Floating symbols

  • High compatibility but not 100%
  • can be placed over images
  • Specialist symbols can be used
  • doesn't break formatting
  • Some students won't see them - don't have the font.

Comment function in Word

  • Separate from student work
  • don't disrupt formatting
  • Lower compatibility. Not always displayed in correct place
  • cannot locate points in images
  • can be switched off

Track changes

  • Low compatibility.
  • Low visibility or don't stand out at all.
  • What is seen is set on user's computer
  • Can be switched off.
  • May not show separate from student's work

Pdf annotation

  • Free software available
  • Very high compatibility
  • Doesn't break formatting
  • Clearly separate from students' work
  • High visibility
  • Can be used over images
  • Specialist symbols and fonts can be used – use embedded fonts with the pdf
  • May not be permitted marking method.
  • Inserting images depends on software used.
  • Must be printed to pdf to fix comments as a pdf

But note the problems!

Work saved as a Word.doc file is mostly compatible and will display in LibreOffice

but the same page saved as Word.docx (2007) has a lot of display errors in Libreoffice.

 

Recommended for highest compatibility and ease of student viewing:

Avoid the problems - ask students to use the latest version of LibreOffice, save their work as doc and not docx.

Mark using inline text wherever possible. Save the marked script  as a doc and export to pdf as well.

This is the best!

Or

Mark in Word, then export as pdf to return to student. Use embedded fonts.

Or

Convert to pdf, then mark using a pdf annotator – but it must be exported to pdf back to the student folder. Use embedded fonts.

 

Students can view their marked work in a pdf reader or in a web browser in Windows or Linux systems.

For students who cannot see screen content - use normal comments for a sighted helper, but write a separate plain text feedback document describing the problems and providing feedback

Preparation for marking

Documents to hand

  • The student question
  • The mark scheme
  • The file handler
  • Pre-prepared specimen answers – not to paste into the student's assignment, but as a source of clips to illustrate particular points.
  • A document to hold frequently used comments – ready formatted in your font, colour and size. ( You could add these to the mark scheme so they are alongside each question)
  • and the student's document(s) ( but only have one student's work open at a time. It is easy to lose track of which document belongs to which student!)

 

Suitable Screen hardware

Electronic marking is at its most efficient if you can quickly switch between all these open documents, and make use of other utilities on your computer at the same time.

 

A single small laptop screen will never make a comfortable marking experience.

A screen that will display two readable A4 documents side by side is better.

Two screens that will each display two A4 documents side by side is much better

 

For comfort the centre of the computer screen should be slightly below your eye height when you are seated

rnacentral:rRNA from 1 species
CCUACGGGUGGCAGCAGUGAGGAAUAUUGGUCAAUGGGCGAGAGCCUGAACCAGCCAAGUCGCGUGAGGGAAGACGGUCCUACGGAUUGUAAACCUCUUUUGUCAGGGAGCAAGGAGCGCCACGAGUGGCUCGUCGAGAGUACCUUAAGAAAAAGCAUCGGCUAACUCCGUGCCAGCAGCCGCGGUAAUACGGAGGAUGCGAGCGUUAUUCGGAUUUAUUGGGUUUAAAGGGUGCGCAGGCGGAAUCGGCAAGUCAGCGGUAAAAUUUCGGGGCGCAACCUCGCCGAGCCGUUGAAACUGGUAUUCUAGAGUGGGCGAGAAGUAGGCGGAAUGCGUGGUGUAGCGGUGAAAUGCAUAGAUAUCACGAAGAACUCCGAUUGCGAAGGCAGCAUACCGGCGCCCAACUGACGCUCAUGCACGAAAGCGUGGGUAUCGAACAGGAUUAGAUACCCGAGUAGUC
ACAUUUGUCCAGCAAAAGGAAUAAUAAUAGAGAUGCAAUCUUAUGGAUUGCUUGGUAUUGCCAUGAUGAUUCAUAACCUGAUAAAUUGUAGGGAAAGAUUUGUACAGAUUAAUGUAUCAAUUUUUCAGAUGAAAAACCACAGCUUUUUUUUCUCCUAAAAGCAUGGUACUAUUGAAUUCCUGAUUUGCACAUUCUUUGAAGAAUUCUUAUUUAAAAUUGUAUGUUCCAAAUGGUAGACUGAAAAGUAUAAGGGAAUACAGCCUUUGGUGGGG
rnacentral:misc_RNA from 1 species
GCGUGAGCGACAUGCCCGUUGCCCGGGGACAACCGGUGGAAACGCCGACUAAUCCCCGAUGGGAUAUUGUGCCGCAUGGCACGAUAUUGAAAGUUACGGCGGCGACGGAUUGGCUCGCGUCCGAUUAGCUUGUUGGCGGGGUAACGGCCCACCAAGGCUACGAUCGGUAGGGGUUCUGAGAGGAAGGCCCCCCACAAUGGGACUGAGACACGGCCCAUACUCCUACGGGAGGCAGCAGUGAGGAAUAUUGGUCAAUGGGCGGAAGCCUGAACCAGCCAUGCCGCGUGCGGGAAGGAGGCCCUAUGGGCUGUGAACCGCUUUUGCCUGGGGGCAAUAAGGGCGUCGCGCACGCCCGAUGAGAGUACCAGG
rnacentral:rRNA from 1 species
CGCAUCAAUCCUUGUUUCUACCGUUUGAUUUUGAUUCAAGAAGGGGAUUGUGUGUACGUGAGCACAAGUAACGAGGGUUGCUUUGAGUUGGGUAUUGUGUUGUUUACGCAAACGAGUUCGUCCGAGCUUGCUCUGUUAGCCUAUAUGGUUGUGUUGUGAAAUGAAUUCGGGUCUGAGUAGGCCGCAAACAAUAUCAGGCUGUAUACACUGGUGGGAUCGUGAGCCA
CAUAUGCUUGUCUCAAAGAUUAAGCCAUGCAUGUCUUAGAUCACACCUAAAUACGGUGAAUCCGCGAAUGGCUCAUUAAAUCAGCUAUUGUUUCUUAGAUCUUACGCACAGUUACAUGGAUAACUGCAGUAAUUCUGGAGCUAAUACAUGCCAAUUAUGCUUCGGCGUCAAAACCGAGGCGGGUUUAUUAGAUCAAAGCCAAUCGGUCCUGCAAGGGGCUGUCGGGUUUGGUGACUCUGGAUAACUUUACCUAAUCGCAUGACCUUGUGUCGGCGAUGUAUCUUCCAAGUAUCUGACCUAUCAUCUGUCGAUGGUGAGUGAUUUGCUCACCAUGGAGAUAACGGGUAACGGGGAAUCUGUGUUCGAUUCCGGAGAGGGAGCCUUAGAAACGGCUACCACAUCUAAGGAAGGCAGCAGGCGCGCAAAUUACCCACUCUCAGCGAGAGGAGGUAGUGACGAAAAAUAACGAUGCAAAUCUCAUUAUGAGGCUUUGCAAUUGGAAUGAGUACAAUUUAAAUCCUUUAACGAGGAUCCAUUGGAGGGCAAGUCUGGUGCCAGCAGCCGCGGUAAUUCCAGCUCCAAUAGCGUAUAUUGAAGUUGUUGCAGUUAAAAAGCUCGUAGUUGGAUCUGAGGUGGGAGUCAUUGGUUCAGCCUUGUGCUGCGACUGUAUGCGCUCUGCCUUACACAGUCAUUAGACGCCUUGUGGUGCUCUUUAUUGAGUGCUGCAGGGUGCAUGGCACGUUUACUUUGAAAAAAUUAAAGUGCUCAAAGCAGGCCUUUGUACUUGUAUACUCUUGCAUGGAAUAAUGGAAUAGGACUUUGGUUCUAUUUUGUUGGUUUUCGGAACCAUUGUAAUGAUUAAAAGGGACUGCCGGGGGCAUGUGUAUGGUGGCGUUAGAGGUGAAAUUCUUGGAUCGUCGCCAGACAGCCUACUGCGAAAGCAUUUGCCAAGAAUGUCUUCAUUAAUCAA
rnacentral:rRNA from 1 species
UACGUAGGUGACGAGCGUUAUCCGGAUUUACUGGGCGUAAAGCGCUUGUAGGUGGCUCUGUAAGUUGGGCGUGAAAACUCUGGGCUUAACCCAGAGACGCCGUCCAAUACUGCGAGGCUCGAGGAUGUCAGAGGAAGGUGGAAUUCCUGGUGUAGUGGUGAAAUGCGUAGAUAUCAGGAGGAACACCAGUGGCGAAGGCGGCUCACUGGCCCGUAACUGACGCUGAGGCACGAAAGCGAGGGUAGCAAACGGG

If you wear glasses, ask the optician for glasses that have their focus at your outstretched finger distance.

 

Ready to mark the first student script?

Checking the student's assignment

 

Skim or review the whole of the student's document to see how it is formatted before you start marking.

Your additions may on occasion make a mess of the student's carefully crafted layout!

Making room for your comments

 

Some students will leave you lots of white space into which you can add comments.

Others may apparently offer white space, but tie it up with formatting so that it almost unusable ( except for floating comments and symbols)

 

In some scripts you can safely add lines to create space after each paragraph.

In others adding an extra line creates a cascade of broken formatting further down the document.

 

Pages fully occupied by graphics may not appear to offer any space for comments

 

For problematic scripts you can increase the size of the page, but keep the student's work the same width, giving you a broad margin for comments. (use a macro )

 

Adding page breaks at intervals (at the end of a student's page) can stop formatting changes cascading down through the document.

 

 

Adding a comment

 

The minimum activity needed is to make one click on the document to select where the focus of the comment is. A second click should select the full style of the entry, leaving you just to type the comment, or paste in a pre-written comment.

 

The second click here selects a macro from your ribbon or toolbar– a pre-recorded sequence of commands to the word processor.

 

A macro might insert a tick into the text, or float a tick over the top of an image.

A macro might set the style of font, size, colour and spacing for your in-line text.

 

The macro I use the most creates a transparent callout (balloon) with its pointer on the spot I first clicked ( mostly, not always!) It has the text set to the font, size and colour, left aligned, that I want to use.

 

 

 

How to obtain Macros

 

You can record your own easily in Word